These cases are anything but cut and dried, and it’s clear that Miller has every right to refuse custom-made cakes that include designs she doesn’t like. She can even refuse to make a cake that reads “Congratulations, Beth and Sue!” What she can’t do, in my view, is refuse to make a plain cake based on her right not to be associated with a same-sex wedding. According to the opinion, the cake service includes setting up the cake and presenting it at the wedding. But Miller could easily make the cake and require the women to take possession of it at the bakery. She could even disassociate herself by making sure that her name and company were not revealed to the guests. But please don’t tell me that baking a generic unmarked cake violates your religious freedom when it is served at a gay event. It doesn’t. Nor is it forced speech. It’s just a cake. As a general rule, employers and businesses must make reasonable accommodations to respect religious freedoms. Yet these reasonable accommodations seem only to travel in one direction. 

    In the “Statement of Facts,” Judge Eric Bradshaw fairly swooned with appreciation for the defendant: “Miller is a married woman of sincere Christian faith. She and her husband of over 40 years met at church, where her husband was formerly a church youth director,” the opinion tells us. “Miller was a school teacher for approximately 30 years while she raised a family and also pursued interests in floral arranging, event planning, and baking. In 2013, she started ‘Tastries.’”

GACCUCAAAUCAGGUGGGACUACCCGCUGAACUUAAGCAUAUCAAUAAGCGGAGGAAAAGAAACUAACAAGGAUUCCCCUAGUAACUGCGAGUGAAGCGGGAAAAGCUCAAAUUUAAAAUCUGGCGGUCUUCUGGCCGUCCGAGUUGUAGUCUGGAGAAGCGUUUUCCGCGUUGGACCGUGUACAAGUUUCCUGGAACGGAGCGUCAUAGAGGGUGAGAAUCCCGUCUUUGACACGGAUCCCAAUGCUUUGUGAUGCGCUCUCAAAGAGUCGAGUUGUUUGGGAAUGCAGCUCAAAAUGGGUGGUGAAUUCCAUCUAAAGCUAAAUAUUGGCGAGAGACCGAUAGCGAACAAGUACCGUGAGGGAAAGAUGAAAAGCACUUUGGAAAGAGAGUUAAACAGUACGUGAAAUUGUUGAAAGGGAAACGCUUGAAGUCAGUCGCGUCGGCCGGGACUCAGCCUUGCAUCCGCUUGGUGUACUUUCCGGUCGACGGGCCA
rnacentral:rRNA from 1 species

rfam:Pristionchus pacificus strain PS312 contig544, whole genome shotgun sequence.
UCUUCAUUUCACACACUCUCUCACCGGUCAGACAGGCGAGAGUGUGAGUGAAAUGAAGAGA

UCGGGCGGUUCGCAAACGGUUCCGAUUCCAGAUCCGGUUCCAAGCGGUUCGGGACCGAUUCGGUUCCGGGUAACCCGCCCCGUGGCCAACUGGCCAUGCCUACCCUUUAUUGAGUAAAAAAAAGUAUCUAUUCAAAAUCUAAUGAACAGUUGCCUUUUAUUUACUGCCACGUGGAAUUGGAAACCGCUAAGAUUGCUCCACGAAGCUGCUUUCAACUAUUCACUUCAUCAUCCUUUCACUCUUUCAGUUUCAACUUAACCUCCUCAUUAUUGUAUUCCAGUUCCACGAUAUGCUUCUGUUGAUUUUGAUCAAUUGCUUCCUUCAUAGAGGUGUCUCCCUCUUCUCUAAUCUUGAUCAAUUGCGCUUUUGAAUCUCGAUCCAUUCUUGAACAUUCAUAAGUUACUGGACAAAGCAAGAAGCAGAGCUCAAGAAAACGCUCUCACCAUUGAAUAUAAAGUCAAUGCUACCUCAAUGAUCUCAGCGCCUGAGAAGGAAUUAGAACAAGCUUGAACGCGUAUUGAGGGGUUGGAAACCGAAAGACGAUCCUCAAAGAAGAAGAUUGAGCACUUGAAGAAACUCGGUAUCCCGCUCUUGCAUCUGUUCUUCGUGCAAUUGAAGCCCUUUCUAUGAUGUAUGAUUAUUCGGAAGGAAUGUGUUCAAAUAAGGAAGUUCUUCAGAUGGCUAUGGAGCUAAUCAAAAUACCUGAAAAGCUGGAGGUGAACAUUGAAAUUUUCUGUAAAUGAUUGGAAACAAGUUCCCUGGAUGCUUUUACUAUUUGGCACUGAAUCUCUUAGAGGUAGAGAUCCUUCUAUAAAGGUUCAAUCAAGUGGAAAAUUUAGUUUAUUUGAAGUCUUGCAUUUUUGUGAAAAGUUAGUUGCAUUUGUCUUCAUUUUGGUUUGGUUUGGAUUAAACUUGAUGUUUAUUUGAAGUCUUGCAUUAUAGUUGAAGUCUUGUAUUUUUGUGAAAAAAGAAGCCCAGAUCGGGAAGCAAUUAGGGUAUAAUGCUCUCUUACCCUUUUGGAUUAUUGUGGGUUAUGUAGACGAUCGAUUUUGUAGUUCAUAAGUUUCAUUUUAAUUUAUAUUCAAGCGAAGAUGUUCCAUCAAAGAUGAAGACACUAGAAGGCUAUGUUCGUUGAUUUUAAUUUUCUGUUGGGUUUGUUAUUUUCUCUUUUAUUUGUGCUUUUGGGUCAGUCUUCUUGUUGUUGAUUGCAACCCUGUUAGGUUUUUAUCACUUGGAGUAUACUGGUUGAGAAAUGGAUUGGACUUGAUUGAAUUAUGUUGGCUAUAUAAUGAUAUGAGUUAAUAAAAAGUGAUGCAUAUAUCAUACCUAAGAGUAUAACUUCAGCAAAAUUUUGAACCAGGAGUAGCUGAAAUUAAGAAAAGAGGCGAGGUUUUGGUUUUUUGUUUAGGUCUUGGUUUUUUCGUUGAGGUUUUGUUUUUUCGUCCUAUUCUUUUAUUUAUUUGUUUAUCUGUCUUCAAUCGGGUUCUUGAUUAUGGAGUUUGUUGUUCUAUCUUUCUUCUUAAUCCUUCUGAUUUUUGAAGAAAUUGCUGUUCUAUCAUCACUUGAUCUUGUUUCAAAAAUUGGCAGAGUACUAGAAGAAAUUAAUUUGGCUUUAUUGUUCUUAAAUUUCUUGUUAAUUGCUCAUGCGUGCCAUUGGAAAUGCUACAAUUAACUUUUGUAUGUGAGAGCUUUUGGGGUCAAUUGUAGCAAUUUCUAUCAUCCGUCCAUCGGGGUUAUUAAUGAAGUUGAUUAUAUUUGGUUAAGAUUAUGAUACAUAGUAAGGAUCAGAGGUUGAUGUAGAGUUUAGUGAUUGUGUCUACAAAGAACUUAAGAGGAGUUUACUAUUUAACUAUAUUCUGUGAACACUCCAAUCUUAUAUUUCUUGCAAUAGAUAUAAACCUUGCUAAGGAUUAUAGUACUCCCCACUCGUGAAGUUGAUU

Forgive my cynicism, but the legal issues here are not in the least influenced by Miller’s long marriage, interest in flower arranging, or the “sincerity” of her faith. I couldn’t help but notice the lack of biographical data on the two women, Eileen Rodriguez-dol Rio and Mireya Rodriguez-del Rio. What hobbies do they have? Are they nice people too?

    The opinion goes on to tell us that the introductory question for all Tastries bakery designs asks: “Is it lovely, praiseworthy, or of good report?” Tastries will not design cakes with sexual content, portrayals of violence, gore, witches, or demonic content. And wedding cakes “must not contradict God’s sacrament of marriage between a man and a woman.” Again, there’s nothing discriminatory in these prudish standards. If I ran a bakery, I wouldn’t make Nazi cakes or anything with carrots. But the word “design” has a meaning. And the “design” of an unmarked white cake does not “contradict God’s sacrament of marriage between a man and a woman.” The customers are the problem for Miller, not the cake. 

    I could go on. There’s the transgender cake case that brings up a more nuanced set of issues, and, of course, we will see oral arguments on the Colorado web designer’s Free Speech case before the High Court next month. But before we leave the subject, it’s worth reviewing the words of Justice Kennedy in Masterpiece Cakeshop, cited here by Judge Bradshaw in seeming contradiction to his eventual ruling: